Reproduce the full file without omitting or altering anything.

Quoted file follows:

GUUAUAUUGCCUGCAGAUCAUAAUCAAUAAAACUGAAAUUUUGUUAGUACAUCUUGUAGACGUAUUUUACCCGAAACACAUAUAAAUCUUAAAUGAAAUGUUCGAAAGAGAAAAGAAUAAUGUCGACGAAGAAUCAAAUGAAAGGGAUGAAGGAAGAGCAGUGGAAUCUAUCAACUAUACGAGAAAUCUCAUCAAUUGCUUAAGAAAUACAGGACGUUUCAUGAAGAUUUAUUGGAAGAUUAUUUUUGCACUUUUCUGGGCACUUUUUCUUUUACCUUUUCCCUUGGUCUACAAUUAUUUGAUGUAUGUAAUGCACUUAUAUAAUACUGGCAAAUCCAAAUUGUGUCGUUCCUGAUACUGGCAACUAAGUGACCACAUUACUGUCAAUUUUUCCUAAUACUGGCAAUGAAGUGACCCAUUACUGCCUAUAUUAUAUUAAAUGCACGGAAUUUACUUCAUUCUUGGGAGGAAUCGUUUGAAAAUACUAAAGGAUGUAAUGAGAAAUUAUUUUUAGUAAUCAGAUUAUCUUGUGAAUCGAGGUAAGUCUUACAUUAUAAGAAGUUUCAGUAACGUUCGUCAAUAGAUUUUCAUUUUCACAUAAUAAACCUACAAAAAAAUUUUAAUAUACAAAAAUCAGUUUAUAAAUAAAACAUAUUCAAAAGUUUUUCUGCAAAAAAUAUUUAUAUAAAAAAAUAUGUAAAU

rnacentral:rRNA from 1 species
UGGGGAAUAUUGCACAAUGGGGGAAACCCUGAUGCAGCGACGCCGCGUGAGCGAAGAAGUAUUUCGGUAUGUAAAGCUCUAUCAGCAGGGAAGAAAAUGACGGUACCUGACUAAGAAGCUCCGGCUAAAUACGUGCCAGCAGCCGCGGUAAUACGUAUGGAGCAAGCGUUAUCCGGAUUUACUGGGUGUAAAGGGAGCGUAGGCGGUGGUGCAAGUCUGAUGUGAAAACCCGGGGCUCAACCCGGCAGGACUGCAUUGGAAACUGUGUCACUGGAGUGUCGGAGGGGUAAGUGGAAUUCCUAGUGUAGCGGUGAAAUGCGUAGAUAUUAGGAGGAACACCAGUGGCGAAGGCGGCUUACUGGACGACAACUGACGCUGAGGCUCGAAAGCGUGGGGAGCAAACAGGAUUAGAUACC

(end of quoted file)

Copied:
GUUAUAUUGCCUGCAGAUCAUAAUCAAUAAAACUGAAAUUUUGUUAGUACAUCUUGUAGACGUAUUUUACCCGAAACACAUAUAAAUCUUAAAUGAAAUGUUCGAAAGAGAAAAGAAUAAUGUCGACGAAGAAUCAAAUGAAAGGGAUGAAGGAAGAGCAGUGGAAUCUAUCAACUAUACGAGAAAUCUCAUCAAUUGCUUAAGAAAUACAGGACGUUUCAUGAAGAUUUAUUGGAAGAUUAUUUUUGCACUUUUCUGGGCACUUUUUCUUUUACCUUUUCCCUUGGUCUACAAUUAUUUGAUGUAUGUAAUGCACUUAUAUAAUACUGGCAAAUCCAAAUUGUGUCGUUCCUGAUACUGGCAACUAAGUGACCACAUUACUGUCAAUUUUUCCUAAUACUGGCAAUGAAGUGACCCAUUACUGCCUAUAUUAUAUUAAAUGCACGGAAUUUACUUCAUUCUUGGGAGGAAUCGUUUGAAAAUACUAAAGGAUGUAAUGAGAAAUUAUUUUUAGUAAUCAGAUUAUCUUGUGAAUCGAGGUAAGUCUUACAUUAUAAGAAGUUUCAGUAACGUUCGUCAAUAGAUUUUCAUUUUCACAUAAUAAACCUACAAAAAAAUUUUAAUAUACAAAAAUCAGUUUAUAAAUAAAACAUAUUCAAAAGUUUUUCUGCAAAAAAUAUUUAUAUAAAAAAAUAUGUAAAU

rnacentral:rRNA from 1 species
UGGGGAAUAUUGCACAAUGGGGGAAACCCUGAUGCAGCGACGCCGCGUGAGCGAAGAAGUAUUUCGGUAUGUAAAGCUCUAUCAGCAGGGAAGAAAAUGACGGUACCUGACUAAGAAGCUCCGGCUAAAUACGUGCCAGCAGCCGCGGUAAUACGUAUGGAGCAAGCGUUAUCCGGAUUUACUGGGUGUAAAGGGAGCGUAGGCGGUGGUGCAAGUCUGAUGUGAAAACCCGGGGCUCAACCCGGCAGGACUGCAUUGGAAACUGUGUCACUGGAGUGUCGGAGGGGUAAGUGGAAUUCCUAGUGUAGCGGUGAAAUGCGUAGAUAUUAGGAGGAACACCAGUGGCGAAGGCGGCUUACUGGACGACAACUGACGCUGAGGCUCGAAAGCGUGGGGAGCAAACAGGAUUAGAUACC